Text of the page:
Data Sculptures—Visually Representing Data
Students will explore 7th-grade science concepts by studying weather data and learning how to translate that data into a three-dimensional sculpture.
Different data sets include snowfall, river levels, fire data, etc. Students will assign a color and a shape or form to each different piece of data. They will then sculpt each type of data using paper sculpture techniques. When finished, students will have a sculpture that communicates their chosen weather data visually.
- Students will explore a variety of weather-related data sets
- Students will identify color, shape and form as elements of art
- Students will translate their chosen weather data into visual representations of color, shape and form
- Students will demonstrate a variety of paper sculpting techniques
- Students will write a three-to-four sentence statement about their artwork
Basic Lesson Outline:
- Introduce the Project and share slideshow
- Students will review and select their data set
- Students finalize their data translation plan on brainstorming worksheet
- Students are introduced to a variety of paper sculpting techniques and begin sculpting
- Students will be introduced to a variety of attachment techniques and continue sculpting
- Students display their work and artist statement, give feedback and discuss
- Pencils and erasers
- colored pencils
- paper in various colors
- grocery bags to hold sculpted pieces in between days
- glue sticks
- heavy paper to mount sculpture (cardstock)
- PowerPoint slideshow
- Brainstorming worksheet
Idaho State Learning Standards:
Arts and Humanities: Anchor Standard 2: Organize and develop artistic ideas and work
- VA:Cr2.1.7a: Demonstrate persistence in developing skills with various materials, methods, and approaches in creating works of art or design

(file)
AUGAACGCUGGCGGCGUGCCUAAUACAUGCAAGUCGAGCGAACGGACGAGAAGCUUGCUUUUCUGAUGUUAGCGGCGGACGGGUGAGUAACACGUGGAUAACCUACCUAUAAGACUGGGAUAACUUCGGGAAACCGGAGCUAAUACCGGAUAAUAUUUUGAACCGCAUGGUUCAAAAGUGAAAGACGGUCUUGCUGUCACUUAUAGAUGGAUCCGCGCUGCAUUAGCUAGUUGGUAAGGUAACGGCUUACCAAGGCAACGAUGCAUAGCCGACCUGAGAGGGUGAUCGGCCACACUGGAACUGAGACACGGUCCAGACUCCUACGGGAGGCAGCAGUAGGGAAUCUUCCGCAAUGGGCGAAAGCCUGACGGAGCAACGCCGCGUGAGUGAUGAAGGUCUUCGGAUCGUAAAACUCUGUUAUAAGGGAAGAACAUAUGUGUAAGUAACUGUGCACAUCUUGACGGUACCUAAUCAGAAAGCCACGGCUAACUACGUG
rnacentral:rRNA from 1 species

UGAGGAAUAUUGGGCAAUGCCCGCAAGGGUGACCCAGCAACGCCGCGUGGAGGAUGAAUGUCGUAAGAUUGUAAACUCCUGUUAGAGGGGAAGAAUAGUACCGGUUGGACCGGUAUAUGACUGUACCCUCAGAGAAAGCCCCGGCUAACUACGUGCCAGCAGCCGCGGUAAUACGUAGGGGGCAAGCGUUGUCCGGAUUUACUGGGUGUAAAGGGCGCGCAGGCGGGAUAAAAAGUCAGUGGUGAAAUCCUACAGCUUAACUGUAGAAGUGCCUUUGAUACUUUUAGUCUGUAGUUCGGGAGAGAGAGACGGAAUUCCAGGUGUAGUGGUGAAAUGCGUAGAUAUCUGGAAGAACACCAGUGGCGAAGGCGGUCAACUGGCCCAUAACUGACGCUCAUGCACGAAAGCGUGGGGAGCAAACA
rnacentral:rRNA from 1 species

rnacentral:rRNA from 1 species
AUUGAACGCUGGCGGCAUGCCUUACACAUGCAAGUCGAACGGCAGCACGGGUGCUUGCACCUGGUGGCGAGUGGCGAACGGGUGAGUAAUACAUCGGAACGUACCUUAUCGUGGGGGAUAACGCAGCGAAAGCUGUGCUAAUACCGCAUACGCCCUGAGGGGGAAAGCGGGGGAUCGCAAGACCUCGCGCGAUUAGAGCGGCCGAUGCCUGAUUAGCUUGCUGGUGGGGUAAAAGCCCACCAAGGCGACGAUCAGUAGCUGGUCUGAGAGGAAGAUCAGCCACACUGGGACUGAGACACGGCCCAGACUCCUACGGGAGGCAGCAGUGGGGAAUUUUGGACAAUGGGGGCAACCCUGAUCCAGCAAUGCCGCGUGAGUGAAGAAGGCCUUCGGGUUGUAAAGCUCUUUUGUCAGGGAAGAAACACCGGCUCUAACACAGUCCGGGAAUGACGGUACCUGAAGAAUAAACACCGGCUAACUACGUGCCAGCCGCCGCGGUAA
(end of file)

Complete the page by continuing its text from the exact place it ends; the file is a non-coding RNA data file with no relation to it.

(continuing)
- VA:Cr2.3.7a: Apply visual organizational strategies to design and produce a work of art, design, or media that clearly communicates information or ideas
Arts and Humanities: Anchor Standard 3: Refine and complete artistic work
- VA:Cr3.1.7a: Reflect on and explain important information about personal artwork in an artist statement or another format
Science Objective: Analyze and interpret data on natural hazards to forecast future catastrophic events and inform the development of technologies to mitigate their effects
- Subject area language: data, data set, weather, observation, translation, variables
- Art Language: Sculpture, form, shape, color, 2D, 3D
Student Use of Vocabulary:
Students will use the words when creating their sculptures, when writing about their work, and when discussing their projects.
Students could work in pairs or independently.
Day 1 – Introduction
Introduce the project through the slide show.
- Show students the work of artists who use data as the inspiration for their artwork
- Engage students by encouraging them to critically think and ask:
o How could you translate numbers into art?
o What might that look like?
- Introduce the project goal of creating a sculpture that visually communicates their weather data. Finally, begin brainstorming and go over expectations.
Day 2 – Artmaking
- Students will finalize their data translation plan
- They will be introduced to various paper sculpting techniques and begin to sculpt pieces of data
Day 3 – Artmaking
- Students given tips for attaching sculpted papers to paper base
- Students continue sculpting
Day 4 – Artmaking
- Students continue working on their sculptures
Day 5 – Artmaking
- Students continue working on and finish their sculptures
Day 5 – Presentations
- Students will title their work and write artist statement paragraph
- Students will display their artwork and artist statement and participate in a gallery walk where they will observe each other’s works and give feedback to at least two of their peer’s work. Class discusses what they observed in their peer’s work
- Share the work of data artists
- Show a brief history of paper art around the world & other paper artists
- Introduce planning/sorting data
- Share data sets
- Composition tips
- Paper sculpture techniques
- Composition review
- Attachment techniques
- Project check-In
- Artist statement question prompts to help students write their own artist statement
- What is your sculpture called?
- What colors did you use in your sculpture? Why, what do they represent?
- What do the different shapes and forms represent in your sculpture?
- How does the arrangement of your sculpture (the composition) help to communicate your data?